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Israel’s Popularity on the Wane

Though not in Ghana!

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Ghanaian soccer player John Paintsil in 2006.(Haaretz)

The bad news from a new survey of more than 28,000 people in 27 countries is that only three countries are more negatively viewed than Israel, and they are Pakistan, North Korea, and Iran. (What, everyone forgot about Libya and Belarus?) Israel was viewed negatively by a growing majority of respondents in the United Kingdom, Spain, Australia, Indonesia, and even Canada (!). The good news—aside from the fact that the survey was conducted by the BBC, and therefore easily, if not very usefully, disregarded if you are of a certain political bent—is that Israel still has friends: The four countries with the most positive views of the Jewish state (not including the Jewish state itself) are the United States, Russia, Ghana, and China.

A slim plurality of Americans who view Israel positively comes as no surprise. That Russians, despite historic (and waning) anti-Semitism, should feel sympathy with a state with a huge population of their co-nationalists makes sense. And China? China loves the Jews.

Which leaves … Ghana. My theory is simple: Soccer. John Paintsil, who famously pulled an Israeli flag from his shorts and waved it in celebration after scoring a goal in the 2006 World Cup Finals (in honor of his club team, Hapoel Tel Aviv), was playing for his native Ghana. Also, Ghanaian Jews. Go Ghana.

Israel Negatively Viewed, Survey Finds [JTA]
Related: Sub-Saharan Shabbat [Tablet Magazine]
Earlier: Matzah Ball Soup for the Chinese Soul
Cable Reports Lower Russian Anti-Semitism

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Indonesia is the largest Muslim country in the world, so what were we expecting?

And I think it’s correct to be skeptical about the reports of a media company whose own internal commission found that it is guilty of anti-Israel bias. (The Balen Report.)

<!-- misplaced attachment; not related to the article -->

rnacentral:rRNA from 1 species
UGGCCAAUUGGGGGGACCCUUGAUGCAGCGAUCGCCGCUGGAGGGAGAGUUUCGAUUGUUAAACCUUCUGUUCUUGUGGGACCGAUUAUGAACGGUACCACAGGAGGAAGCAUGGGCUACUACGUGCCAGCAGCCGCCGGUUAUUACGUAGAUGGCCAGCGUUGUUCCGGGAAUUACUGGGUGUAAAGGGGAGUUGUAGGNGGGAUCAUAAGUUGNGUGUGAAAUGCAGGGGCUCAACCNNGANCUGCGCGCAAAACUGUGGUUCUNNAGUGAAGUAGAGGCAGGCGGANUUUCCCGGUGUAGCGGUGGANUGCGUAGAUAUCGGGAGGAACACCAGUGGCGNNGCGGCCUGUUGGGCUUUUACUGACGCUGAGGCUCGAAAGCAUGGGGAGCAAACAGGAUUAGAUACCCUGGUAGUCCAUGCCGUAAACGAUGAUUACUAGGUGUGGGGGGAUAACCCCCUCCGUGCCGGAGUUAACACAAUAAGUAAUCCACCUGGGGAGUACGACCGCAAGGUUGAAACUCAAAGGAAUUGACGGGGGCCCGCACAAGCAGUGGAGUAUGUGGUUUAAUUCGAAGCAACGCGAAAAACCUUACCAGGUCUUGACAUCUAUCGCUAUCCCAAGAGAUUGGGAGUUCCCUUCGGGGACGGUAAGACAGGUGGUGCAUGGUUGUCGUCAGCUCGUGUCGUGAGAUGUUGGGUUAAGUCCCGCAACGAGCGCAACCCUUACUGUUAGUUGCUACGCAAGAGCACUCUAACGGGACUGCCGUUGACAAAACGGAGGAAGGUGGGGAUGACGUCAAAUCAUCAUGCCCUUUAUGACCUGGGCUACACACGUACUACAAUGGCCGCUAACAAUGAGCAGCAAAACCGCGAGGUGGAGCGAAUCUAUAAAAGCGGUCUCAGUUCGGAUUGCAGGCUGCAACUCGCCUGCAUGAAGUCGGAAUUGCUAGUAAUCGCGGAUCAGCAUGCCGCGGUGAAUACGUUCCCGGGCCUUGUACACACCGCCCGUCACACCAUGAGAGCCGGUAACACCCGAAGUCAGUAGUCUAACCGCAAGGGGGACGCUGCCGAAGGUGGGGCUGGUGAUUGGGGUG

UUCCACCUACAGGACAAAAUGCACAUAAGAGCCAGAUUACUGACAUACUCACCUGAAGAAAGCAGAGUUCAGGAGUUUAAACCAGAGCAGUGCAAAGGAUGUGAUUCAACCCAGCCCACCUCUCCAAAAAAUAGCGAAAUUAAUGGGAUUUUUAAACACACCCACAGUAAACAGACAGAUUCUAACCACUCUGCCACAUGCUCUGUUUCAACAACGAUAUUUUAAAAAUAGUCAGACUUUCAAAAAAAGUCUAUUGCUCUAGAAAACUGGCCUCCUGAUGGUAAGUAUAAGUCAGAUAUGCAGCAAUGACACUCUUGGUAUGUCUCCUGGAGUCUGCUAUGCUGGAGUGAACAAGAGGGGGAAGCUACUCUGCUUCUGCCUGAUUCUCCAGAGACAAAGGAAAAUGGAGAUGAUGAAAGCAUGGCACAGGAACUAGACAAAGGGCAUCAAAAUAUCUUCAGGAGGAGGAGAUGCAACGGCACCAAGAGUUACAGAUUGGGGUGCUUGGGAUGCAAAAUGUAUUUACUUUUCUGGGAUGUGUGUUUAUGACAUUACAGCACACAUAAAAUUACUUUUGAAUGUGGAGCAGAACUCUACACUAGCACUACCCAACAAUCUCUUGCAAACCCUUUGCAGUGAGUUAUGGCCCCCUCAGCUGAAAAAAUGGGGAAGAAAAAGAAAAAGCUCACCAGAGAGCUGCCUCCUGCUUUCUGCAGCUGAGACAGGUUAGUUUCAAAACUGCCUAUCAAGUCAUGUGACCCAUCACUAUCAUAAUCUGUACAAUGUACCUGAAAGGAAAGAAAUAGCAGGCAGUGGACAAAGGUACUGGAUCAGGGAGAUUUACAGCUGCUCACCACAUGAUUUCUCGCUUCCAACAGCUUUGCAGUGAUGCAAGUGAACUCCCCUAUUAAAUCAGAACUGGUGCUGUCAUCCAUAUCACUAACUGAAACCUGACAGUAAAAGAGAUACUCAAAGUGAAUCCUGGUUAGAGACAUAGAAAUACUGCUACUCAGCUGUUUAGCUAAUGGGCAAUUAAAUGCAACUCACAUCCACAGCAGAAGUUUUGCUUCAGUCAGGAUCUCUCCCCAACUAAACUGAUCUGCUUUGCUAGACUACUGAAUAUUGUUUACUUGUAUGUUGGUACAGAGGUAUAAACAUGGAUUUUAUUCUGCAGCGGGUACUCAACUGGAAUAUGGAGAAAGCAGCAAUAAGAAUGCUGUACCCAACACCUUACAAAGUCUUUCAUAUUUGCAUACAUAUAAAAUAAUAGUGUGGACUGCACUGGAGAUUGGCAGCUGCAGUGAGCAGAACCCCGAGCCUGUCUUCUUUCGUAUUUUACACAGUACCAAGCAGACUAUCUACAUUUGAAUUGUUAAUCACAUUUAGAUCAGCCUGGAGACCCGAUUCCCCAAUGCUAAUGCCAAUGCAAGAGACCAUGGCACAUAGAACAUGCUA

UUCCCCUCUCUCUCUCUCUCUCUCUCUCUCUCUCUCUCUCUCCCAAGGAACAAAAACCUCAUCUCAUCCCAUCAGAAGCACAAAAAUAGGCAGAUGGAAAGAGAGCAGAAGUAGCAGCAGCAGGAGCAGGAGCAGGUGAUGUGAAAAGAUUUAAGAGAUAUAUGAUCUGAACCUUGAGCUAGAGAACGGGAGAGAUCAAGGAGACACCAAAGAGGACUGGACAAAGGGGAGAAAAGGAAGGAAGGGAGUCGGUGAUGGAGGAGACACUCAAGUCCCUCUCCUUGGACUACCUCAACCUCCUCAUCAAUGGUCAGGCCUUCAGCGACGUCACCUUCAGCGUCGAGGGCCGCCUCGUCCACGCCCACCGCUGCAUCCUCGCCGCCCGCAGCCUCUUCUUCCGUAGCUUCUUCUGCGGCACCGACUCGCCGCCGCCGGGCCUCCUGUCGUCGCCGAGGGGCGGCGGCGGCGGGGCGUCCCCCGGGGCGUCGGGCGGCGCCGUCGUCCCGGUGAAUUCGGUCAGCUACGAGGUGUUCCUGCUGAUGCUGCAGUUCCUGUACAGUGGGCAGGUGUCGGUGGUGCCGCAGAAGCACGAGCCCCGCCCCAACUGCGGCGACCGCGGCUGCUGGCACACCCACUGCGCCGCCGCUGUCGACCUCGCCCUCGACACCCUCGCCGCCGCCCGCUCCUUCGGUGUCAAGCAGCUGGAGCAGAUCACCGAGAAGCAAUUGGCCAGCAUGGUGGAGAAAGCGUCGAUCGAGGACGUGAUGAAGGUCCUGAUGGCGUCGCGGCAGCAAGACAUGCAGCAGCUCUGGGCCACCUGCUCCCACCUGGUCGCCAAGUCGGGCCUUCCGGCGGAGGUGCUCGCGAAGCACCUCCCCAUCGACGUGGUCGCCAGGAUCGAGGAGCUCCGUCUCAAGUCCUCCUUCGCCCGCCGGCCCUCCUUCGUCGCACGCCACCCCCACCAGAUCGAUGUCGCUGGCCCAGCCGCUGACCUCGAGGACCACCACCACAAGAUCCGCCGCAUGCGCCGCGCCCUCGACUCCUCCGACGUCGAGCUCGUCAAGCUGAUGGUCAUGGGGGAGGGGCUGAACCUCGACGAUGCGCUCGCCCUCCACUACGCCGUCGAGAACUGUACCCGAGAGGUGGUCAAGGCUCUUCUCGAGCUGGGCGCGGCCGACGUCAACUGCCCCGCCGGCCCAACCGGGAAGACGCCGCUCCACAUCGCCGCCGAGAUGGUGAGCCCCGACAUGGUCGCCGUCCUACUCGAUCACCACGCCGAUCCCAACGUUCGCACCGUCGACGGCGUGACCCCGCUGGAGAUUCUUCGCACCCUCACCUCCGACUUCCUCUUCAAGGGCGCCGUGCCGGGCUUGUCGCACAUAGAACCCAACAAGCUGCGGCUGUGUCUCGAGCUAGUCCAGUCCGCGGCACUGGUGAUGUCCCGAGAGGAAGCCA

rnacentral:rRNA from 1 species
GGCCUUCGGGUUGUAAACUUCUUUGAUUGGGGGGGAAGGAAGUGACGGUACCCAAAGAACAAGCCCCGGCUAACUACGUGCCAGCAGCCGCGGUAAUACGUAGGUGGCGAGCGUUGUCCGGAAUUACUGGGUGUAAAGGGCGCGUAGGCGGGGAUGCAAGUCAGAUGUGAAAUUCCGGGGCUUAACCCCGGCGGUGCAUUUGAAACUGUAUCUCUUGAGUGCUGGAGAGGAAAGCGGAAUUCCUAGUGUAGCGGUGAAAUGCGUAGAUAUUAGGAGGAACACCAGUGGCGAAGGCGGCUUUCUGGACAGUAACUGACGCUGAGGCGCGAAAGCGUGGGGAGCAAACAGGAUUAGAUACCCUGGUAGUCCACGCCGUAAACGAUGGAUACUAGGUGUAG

Dan Klein says:

@fw, if they use the same methodology as in the past though, then even if the numbers are suspect the movement in the numbers isn’t.

I wouldn’t trust them on methodology, but even if the numbers are correct, I don’t think it reflects anything we haven’t seen in the last ten years. There has been a concerted effort in huge segments of the English-language media around the world to pin all the turmoil in the Middle East, and beyond, on the nefarious machinations of Israel and its accomplices in the U.S. So it’s hardly surprising that English-language media markets, and members of the Commonwealth in particular, eventually begin to reflect those biases.

I think it’s likely to be a lagging indicator, though. With the populist democratic movements throughout the Arab, Persian and Kurdish world trying to throw of the shackles of repressive domestic regimes, I think it’s going to become increasingly untenable to ascribe widespread poverty and oppression in the region to Israel’s malign influence. Your even starting to see Arab and Persian writers voicing this opinion–Karim Sadjadpour’s recent piece in the New York Times for example.

It may take a while for this revisionist view to take hold in the public mind, but it is inevitable that it will eventually.

And really, I find it hard to muster much concern over the bitterness of a waning colonial power like England and it’s satellites, even when it’s masked as progressivism.

It’s also worth taking note of the scandal (I don’t remember if Tablet has) burgeoning in England over the payola the University of London has accepted from Qaddafi, which is especially suspicious in the wake of the Lockerbie bomber’s pardon. They’re not the only school involved, and are presumably only the tip of the iceberg.

Anti-Israel views are bankrolled by oil money, which has deftly manipulated the media-academia nexus in London, and in the United States.

To belabor this, it’s interesting that you see positive data in Russia and China, two members of the BRICs, along with Brazil and India, the world’s strongest emerging economies. Is it surprising that they should take an interest in a high-tech mecca like Israel, whose intellectual capital will remain long after the world’s oil supply has been depleted or rendered superfluous?

Marc may be correct that Jews in this country aren’t the immigrant strivers we once were, but the same dynamic isn’t necessarily true elsewhere. To take one example, look at the Fields Medal, the most prestigious prize in mathematics, awarded every four years to up to four individuals under the age of forty. The last two occasions it was awarded, two of the recipients were Elon Lindenstrauss, of Israel, and Grigori Perelman of Russia, both of whom have also spent time in this country. That’s twenty-five percent of winners, from a group that constitutes an infinitesimal percentage of the world population. You’ll find similar percentages among other winners of prizes for scientific merit.


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Israel’s Popularity on the Wane

Though not in Ghana!

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